Before 1975, the education system in Mozambique was selective and disproportionally catered to the Portuguese populations. Churches owned private schools to serve the upper-class Portuguese. The only schools available for Mozambique natives were missionary schools. This system discriminated against Mozambique natives and led to some disastrous results. In particular, many Mozambique natives attended a school that taught inefficiently because the missionary schools had low budgets. Some teachers did not show up, and schools did not provide enough textbooks; if they did, they were outdated. This combination created antiquated learning curriculums with no standardization or structure. When Mozambique declared its independence from Portugal, the National System of Education (SNE) was created to run standardized education for all populations in Mozambique. Over time, the literacy rate in Mozambique has increased, a change that can be attributed to the SNE as well as other important initiatives.
The Current Education System
Mozambique law requires that all citizens attend school through the primary levels, grades one to six. After grade seven, the law requires students to take a national exam in order to qualify for entrance into secondary school, which runs from grades eight to 10. After secondary school, the majority of students either return to their parents’ subsistence farms, gain employment as teachers or are unemployed due to limited space in universities.
However, Mozambique’s primary school population more than tripled from 1995 to 2005, going from 1.3 million to 3.8 million. The number of unenrolled children in primary school accordingly decreased from roughly 470,000 in 2010 to 354,000 in 2018. Meanwhile, the gross enrollment ratio for students in secondary school has steadily increased, going from roughly 25% in 2010 to 35% in 2017. The gross enrollment ratio for students in university (tertiary) education has increased slowly from roughly 4.5% in 2010 to 7% in 2018. The end result of these numbers naturally increased the literacy rate in Mozambique. For example, the literacy rate in Mozambique among those 15 or older has increased from 25% in 1980 to 60% in 2018.
Increasing the Literacy Rate in Mozambique
The Ministry of Education initiated a new program to decentralize curriculum development and monitoring so that only 20% of the national curriculum would be allocated for “local” curricula. These local curricula would teach students specific skills or techniques they may need in their particular region or district. Importantly, the initiative has led to the increased enrollment of students as well as an increased literacy rate in Mozambique.
The Mozambique government has also made great strides to increase access and efficiency of the education system. It has taken away school fees and invested in creating more schools while providing more resources for students at the primary level. The education secretary now receives almost 15% of the state budget, which has significantly helped push for an increased enrollment rate and literacy rate in Mozambique.
The 2012–2019 Education Strategic Plan and the 2015–2018 Primary Education Operational Plan focused on two areas to improve upon: quality and access to education. The government wanted to focus on pre-primary and primary education so that students receive a solid foundation for learning. This would increase the population’s and future generations’ literacy rate. To accomplish this, the government has cited the following priorities: promote increased access to early learning and school readiness, improve quality of primary education, promote increased access for vulnerable children, retain adolescent girls and create efficient capacity building for better planning, management and monitoring at the national, sub-national and local levels.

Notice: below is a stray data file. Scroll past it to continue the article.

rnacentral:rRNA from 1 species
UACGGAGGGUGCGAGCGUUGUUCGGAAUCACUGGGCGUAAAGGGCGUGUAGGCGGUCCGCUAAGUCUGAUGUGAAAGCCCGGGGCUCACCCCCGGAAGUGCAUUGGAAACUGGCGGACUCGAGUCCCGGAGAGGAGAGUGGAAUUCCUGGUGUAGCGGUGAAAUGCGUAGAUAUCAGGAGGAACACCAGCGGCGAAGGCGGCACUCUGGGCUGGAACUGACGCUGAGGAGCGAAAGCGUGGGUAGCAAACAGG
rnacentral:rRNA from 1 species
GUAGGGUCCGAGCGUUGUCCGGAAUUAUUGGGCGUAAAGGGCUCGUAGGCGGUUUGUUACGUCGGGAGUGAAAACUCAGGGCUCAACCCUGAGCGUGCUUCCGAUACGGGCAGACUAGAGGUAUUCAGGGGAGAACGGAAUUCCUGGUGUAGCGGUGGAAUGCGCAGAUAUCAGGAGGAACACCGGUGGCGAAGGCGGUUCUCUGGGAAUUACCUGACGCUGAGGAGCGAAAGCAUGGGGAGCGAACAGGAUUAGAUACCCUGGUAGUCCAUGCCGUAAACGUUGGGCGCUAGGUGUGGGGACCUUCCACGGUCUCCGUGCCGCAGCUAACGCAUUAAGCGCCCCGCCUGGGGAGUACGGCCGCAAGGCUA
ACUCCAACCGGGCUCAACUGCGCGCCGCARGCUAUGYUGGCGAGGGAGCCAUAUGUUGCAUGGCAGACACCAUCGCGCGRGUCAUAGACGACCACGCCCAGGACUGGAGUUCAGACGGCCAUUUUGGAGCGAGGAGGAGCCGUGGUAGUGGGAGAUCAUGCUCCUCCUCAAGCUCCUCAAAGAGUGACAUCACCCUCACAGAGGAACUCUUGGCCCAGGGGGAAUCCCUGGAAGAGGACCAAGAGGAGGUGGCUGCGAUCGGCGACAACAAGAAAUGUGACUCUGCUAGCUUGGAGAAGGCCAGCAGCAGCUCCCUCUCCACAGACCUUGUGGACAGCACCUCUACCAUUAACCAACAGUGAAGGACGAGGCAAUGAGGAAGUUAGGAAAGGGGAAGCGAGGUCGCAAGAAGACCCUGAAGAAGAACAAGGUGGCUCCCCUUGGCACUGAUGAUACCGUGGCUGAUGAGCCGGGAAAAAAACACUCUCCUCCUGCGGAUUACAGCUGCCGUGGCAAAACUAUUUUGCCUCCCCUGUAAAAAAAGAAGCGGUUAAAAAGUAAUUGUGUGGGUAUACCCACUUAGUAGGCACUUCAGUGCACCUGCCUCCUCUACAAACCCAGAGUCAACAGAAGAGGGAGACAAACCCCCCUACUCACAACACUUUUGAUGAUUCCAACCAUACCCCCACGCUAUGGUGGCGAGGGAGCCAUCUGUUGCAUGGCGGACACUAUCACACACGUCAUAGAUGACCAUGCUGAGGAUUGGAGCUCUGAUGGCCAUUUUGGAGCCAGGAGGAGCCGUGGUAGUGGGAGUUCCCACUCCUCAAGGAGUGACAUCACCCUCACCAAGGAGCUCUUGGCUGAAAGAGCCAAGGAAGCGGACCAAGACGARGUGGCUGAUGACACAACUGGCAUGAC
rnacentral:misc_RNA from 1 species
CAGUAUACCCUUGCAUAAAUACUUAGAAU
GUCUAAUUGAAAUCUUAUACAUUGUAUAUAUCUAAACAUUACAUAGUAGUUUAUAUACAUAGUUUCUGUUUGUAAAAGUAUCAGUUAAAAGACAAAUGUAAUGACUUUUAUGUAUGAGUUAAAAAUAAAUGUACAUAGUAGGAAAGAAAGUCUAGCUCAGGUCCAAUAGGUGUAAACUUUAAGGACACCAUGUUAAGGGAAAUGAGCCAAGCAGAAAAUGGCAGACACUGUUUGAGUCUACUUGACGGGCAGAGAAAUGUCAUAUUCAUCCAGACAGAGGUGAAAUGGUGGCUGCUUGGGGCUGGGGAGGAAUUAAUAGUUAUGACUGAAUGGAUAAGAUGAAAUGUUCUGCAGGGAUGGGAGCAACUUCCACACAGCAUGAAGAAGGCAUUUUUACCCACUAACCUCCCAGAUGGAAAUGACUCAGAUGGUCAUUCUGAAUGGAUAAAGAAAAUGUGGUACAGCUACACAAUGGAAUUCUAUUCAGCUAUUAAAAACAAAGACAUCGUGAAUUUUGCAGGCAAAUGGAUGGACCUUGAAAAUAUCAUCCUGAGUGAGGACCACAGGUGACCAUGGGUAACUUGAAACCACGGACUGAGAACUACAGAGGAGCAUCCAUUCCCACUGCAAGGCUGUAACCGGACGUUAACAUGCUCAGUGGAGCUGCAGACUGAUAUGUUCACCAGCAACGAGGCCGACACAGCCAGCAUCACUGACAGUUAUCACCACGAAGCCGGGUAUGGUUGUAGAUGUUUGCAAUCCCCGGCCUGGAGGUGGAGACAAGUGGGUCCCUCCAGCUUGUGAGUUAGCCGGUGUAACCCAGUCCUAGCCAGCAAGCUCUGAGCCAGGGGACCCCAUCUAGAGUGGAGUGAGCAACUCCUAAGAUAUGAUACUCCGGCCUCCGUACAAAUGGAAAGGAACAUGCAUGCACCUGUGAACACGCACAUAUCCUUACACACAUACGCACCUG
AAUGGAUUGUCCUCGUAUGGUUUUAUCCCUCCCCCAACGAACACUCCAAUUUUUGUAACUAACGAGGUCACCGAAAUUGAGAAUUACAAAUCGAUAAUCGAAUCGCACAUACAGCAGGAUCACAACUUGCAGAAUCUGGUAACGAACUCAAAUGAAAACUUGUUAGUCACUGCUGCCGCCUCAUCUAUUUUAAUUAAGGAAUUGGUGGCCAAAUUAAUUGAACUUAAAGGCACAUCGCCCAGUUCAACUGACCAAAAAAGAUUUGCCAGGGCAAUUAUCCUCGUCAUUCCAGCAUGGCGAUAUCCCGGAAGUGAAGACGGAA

International Aid and Assistance
World Education is an organization that creates programs to help improve education in countries all over the world. It has contributed significantly to the Ministry of Education’s planning for increased literacy rates within the country. In particular, World Education has helped implement the Early Grade Reading Project. This project would train more teachers in creating instruction materials, evaluating students and understanding reading improvement. World Education has also introduced the Let’s Read program to Mozambique. This program helps develop students’ skills in writing and reading in the local language. It also improves their speaking and listening skills in Portuguese.
The World Bank has also provided significant funds and assistance for the increased literacy rate in Mozambique. In 2015, the World Bank approved more than $107.9 million to support quality, access and equity of education. Some of the activities these funds help to support include improving school readiness through early childhood development programs, implementing curriculum reform, adding more teacher-training, enhancing local and state governance in curriculum creation and focusing on resources for more vulnerable students.
What Is the United States Doing?
The United States has recently allocated $15 million to the Mozambique Ministry of Education during the COVID-19 pandemic. These funds will help set up a crisis management team; provide distance learning programs through technology; enforce psycho-social support for children experiencing distress, anxiety or trauma; re-stock textbooks when school re-opens and adjust classes for students who are falling behind or have special education needs.
The Mozambique government has persevered in improving its literacy curriculum, increasing access to education and resourcing schools. The literacy rate in Mozambique has steadily increased since 1980 as a result. Importantly, this increased literacy rate will continue to serve the Mozambique people as they work to further improve education.
– Aria Ma